Christian Scientists are best known for their rejection of medical care, the sect's founder Mary Baker Eddy, and the Church's seemingly omnipresent Reading Rooms.

But few outsiders know that The Church of Christ, Scientist, is the only denomination in the United States that observes Thanksgiving as a religious holiday, one marked by church services, specially published Bible lessons, and personal healing testimonials.

Ceremonial recognition of the November holiday even eclipses that of Christ's birth for many Christian Scientists, who don't worship together on Christmas unless it falls on a Sunday.

It was Eddy who established the tradition of Christian Science Thanksgiving services. Her emphasis on gratitude began with a harrowing tumble on the ice back in 1866, in which she sustained life-threatening internal injuries. She drifted in and out of consciousness for three days and--according to Christian Science teachings--was cured only after turning to New Testament accounts of Jesus Christ's healings.

The woman who had long experimented with various yet ultimately wanting forms of alternative medicine finally discovered what she believed to be missing elsewhere: God.

That epiphany and her own recovery, coupled with Eddy's New England roots, explain why Thanksgiving resonated so profoundly with her, according to Virginia S. Harris, the elected leader of the First Church of Christ, Scientist.

"The Bible was very, very important to Mary Baker Eddy and, obviously, gratitude and thanksgiving are important threads throughout," said Harris, interviewed by phone recently from the Mother Church, as the denomination's Boston headquarters are known. "[They are] an important way for us to connect with the divine. It opens our expressions, our thoughts, away from self-centeredness."

Eddy emphasized prayer as "an acknowledgment of what God is" rather than simply an appeal for blessings and favors, says Stephen Gottschalk, author of "The Emergence of Christian Science in American Religious Life."

Nowhere is that focus clearer than in the first chapter of "Science and Health with Key to the Scriptures," the fundamental teachings of the church published by Eddy in 1875.

"Are we really grateful for the good already received?" Eddy asks. "Then we shall avail ourselves of the blessings we have, and thus be fitted to receive more. If we are ungrateful for Life, Truth, and Love, and yet return thanks to God for all blessings, we are insincere and incur the sharp censure our Master pronounces on hypocrites."

The Mother Church publishes a Thanksgiving Bible lesson each year, a mix of readings from Science and Health, the King James Bible, and "testimonies and expressions of gratitude."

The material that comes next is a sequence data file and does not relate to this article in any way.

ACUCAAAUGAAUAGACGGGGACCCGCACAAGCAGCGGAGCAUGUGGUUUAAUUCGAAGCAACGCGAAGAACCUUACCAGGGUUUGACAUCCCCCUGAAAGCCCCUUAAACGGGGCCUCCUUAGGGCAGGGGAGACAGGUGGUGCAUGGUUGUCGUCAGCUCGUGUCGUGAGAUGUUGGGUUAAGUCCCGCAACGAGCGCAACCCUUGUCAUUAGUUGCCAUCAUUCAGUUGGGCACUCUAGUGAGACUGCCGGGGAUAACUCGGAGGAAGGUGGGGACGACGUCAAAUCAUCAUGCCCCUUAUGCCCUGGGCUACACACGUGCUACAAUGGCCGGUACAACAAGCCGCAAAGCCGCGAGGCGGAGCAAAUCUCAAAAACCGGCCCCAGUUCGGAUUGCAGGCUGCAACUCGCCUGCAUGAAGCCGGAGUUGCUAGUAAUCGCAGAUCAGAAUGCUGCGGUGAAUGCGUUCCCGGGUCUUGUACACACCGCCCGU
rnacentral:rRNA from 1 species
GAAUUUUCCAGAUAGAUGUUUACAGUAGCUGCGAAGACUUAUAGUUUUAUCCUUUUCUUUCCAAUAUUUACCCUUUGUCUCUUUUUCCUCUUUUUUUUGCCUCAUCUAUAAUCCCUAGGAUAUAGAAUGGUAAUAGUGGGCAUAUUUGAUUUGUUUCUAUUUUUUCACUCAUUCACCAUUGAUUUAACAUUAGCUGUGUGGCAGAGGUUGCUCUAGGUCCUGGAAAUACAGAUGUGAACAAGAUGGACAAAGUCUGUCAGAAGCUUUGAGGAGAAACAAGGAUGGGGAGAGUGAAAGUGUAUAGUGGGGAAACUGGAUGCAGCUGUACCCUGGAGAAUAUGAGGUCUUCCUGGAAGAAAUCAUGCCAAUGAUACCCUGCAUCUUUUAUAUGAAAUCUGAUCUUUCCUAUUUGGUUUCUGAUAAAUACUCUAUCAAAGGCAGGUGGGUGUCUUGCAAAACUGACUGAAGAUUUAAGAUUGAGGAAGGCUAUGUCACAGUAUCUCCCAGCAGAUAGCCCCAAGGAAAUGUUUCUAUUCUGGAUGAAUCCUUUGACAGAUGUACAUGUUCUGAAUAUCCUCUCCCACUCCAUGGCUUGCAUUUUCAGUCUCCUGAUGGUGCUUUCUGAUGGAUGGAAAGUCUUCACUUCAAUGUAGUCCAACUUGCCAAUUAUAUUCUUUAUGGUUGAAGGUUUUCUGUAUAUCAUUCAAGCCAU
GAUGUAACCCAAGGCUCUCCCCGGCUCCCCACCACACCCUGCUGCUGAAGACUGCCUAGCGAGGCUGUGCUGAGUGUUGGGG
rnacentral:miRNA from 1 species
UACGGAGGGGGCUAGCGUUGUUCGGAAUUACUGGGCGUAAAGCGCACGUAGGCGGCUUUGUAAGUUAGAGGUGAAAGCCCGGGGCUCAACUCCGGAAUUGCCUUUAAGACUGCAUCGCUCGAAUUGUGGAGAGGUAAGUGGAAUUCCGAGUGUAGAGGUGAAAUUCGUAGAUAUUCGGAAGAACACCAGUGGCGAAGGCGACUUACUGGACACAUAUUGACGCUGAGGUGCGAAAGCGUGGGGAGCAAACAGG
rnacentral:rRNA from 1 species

There's also a patriotic flavor, as church members read Thanksgiving proclamations issued either by their state governor or the president.

Wendy Forest, a full time Christian Science practitioner -- or healer -- has been observing Thanksgiving as a religious holiday for more than 20 years.

"Really, it seems so natural [to go to church]," said Forest, who lives in Mahopac, N.Y. "It's how we decide when the turkey goes in. It's part of the rhythm of the day."

Throughout the year, Christian Scientists attend Wednesday night church "meetings" to share stories of healings and other things for which they are grateful. While the Thanksgiving service is similar in format, it allows attendants to take stock of the previous year and not simply speak to the quotidian, Forest believes.

And the past year or two have been good ones for the First Church of Christ, Scientist, says Harris. "Science and Health" is enjoying record exposure, with 200,000 copies sold last year, she said--nearly four times higher than in 1996. She attributes the spurt to Americans' renewed interest in spirituality in recent years and, specifically, in faith and healing.

Still, other signs indicate that the denomination is not as strong as it once was. Where Christian Science boasted more than 10,000 church-certified practitioners at the end of World War II, that figure has dropped to about 2,600. The number of Reading Rooms--lending libraries of Eddy's and other works--is also down from 2,400 or so a few years ago to 2,000.

All of that matters little to Elaine Betschart of Sacramento, Cal. The retired school teacher says she is consciously grateful to God from the moment she begins her morning prayers and readings each day until she retires at night.

Even as her husband of 47 years was dying last year, Betschart says she found many reasons to give thanks: that he never suffered in pain, that friends and family stood by, and, she says, that God provided love and care.

"A lot of it was grim," she says. "Yet what held me up was this way of thinking, this way of prayer.. I firmly believe that attitude is everything."

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